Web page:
Andrea said:

Yes! I second this! I did the same thing – and I would start with 3-5min and tell myself “I’ll let them cry for x min and then see what they sound like after that.” Once I discovered that my daughter rarely needed more than 7-10 minutes before settling down easily and going to sleep peacefully, it made it easier to endure AND also helped me know exactly when she needed extra help/comfort or when something was wrong.

Adriane said: 

Keep a clock by you and watch it. Your child isn’t crying as long as you think he is! Made a huge difference for us! One night of CIO and we were good!

Cry It Out is Hard

Nicola said:

No matter how many times you do it, it never is easy. I’m now training baby #3 and I always hate to hear them cry. We CIO because I know the benefits, but it’s hard. Just because it’s hard, doesn’t mean it’s wrong. Some things worth doing are hard.

Cry It Out Sleep Training Tips and a picture of a baby sleeping

Know Baby and Use Wise Timing

Christina said:

Before doing any CIO, it’s wise to have the pediatrician give a clean bill of health, because illnesses cause MOTN wakings and difficulties falling asleep. Secondly, I personally never did any CIO with my kids until they had proved to me that they no longer needed MOTN feedings, though this can vary greatly from baby to baby (my firstborn began CIO at 6 weeks old but was STTN without feedings needed for 2 full weeks at that point, whereas my second born was 11 weeks old). Third, it’s a smart idea to have the strategy in mind. We used the Ferber method where I could pop in at intervals for my daughter, because she was quite young. With my son, he didn’t even need any CIO until briefly at 6 months and then not again until maybe a few times at around a year, and then not again until 15+ months old — so for him, we just did a strict CIO without popping in to check on him, as that seemed to cause more harm than good. Know your child’s cries and what they mean — very, very important! Kids can get sick very suddenly in the middle of the night, so it’s good to remember that if a child has been STTN and then suddenly starts waking up MOTN again. And finally, don’t let anyone put you down for doing it. As a mom, your kids need YOU. And that means you need to take care of you. And them. Some critics like to claim that CIO will somehow psychologically or neurologically damage a child, but on the contrary, I’ve seen the opposite! And on top of that, getting a full night of sleep makes all the difference — for both mom and baby!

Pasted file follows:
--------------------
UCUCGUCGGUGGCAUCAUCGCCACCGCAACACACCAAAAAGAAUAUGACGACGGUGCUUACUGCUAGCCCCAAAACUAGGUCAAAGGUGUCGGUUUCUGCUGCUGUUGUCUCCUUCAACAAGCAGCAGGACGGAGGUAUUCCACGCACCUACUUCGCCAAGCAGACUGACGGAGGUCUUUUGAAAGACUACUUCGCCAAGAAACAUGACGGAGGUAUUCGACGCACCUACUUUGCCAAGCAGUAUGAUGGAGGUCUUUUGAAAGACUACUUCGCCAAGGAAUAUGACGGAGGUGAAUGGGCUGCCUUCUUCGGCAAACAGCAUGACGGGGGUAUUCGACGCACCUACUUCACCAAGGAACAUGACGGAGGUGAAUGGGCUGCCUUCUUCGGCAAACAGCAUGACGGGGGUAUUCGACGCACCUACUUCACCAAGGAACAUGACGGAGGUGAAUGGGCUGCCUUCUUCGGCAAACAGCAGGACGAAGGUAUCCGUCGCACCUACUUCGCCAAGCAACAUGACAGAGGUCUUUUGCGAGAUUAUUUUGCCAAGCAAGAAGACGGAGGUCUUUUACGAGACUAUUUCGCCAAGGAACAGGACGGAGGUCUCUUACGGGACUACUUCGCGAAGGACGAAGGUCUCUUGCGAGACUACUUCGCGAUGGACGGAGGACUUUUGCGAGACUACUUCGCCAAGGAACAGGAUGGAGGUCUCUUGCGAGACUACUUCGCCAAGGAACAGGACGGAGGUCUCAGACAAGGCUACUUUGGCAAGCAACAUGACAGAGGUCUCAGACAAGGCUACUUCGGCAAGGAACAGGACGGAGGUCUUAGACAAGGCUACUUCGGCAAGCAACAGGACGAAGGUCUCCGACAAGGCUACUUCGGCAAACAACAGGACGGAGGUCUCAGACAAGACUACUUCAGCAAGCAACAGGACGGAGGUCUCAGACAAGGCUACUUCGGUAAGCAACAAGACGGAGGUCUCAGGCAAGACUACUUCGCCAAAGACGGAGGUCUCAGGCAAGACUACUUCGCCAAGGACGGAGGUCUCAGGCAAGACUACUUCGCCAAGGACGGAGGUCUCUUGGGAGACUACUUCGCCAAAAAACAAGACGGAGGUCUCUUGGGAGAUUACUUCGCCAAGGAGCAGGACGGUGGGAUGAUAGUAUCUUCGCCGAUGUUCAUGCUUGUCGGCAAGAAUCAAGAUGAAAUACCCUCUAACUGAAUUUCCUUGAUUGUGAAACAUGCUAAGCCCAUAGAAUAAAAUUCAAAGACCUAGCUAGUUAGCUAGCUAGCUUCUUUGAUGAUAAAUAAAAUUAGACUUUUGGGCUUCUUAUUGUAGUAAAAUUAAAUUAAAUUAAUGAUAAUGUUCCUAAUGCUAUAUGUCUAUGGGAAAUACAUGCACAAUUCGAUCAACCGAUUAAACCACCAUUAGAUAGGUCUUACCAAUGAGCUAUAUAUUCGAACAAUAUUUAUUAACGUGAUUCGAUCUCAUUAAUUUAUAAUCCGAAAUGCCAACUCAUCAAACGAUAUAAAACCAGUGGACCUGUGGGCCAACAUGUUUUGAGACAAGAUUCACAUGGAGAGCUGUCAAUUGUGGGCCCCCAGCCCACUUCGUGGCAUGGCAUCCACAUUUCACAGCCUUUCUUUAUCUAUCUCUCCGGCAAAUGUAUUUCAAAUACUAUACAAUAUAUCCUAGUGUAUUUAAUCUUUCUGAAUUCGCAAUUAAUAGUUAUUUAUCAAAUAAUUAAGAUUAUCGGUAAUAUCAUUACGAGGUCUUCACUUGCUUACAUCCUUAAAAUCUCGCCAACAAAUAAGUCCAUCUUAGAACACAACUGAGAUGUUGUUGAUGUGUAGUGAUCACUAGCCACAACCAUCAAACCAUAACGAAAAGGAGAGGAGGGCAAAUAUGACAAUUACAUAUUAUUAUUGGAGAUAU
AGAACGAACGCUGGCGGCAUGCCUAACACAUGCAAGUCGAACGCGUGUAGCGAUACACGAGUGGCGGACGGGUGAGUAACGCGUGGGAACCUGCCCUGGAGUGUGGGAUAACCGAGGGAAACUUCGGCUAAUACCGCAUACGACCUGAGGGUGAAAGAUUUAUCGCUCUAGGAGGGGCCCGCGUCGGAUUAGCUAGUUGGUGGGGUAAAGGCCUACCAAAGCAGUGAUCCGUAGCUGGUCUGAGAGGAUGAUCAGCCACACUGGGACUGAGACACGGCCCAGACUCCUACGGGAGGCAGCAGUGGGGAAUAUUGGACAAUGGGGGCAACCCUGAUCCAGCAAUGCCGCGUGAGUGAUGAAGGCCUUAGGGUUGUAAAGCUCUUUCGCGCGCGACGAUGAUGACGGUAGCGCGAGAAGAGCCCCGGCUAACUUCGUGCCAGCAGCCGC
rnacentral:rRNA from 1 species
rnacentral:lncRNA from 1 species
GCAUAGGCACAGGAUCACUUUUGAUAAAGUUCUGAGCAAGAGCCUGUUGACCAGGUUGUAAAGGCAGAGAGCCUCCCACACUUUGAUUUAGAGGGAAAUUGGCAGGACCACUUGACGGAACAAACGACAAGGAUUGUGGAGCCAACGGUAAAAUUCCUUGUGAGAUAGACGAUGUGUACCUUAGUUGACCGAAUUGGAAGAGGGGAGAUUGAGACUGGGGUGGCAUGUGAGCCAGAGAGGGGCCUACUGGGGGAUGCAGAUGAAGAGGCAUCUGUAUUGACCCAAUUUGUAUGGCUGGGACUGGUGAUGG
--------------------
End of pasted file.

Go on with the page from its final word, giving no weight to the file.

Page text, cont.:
Alyssa said:

Most important thing: know why your baby is crying. Aka meet ALL their needs so you know that CIO is serving it’s purpose and you aren’t ignoring your baby.

Erica said:

You need to be confident that they don’t need any MOTN feedings. For all 3 of mine, I knew it was time when they would no longer take full feedings during the day if they even had 1-2oz at night. Then be consistent. I think a lot of people who say CIO doesn’t work is because they weren’t committed to it or consistent. It’s not fun. It even sucks. But it’s 100% worth it to have a great sleeper.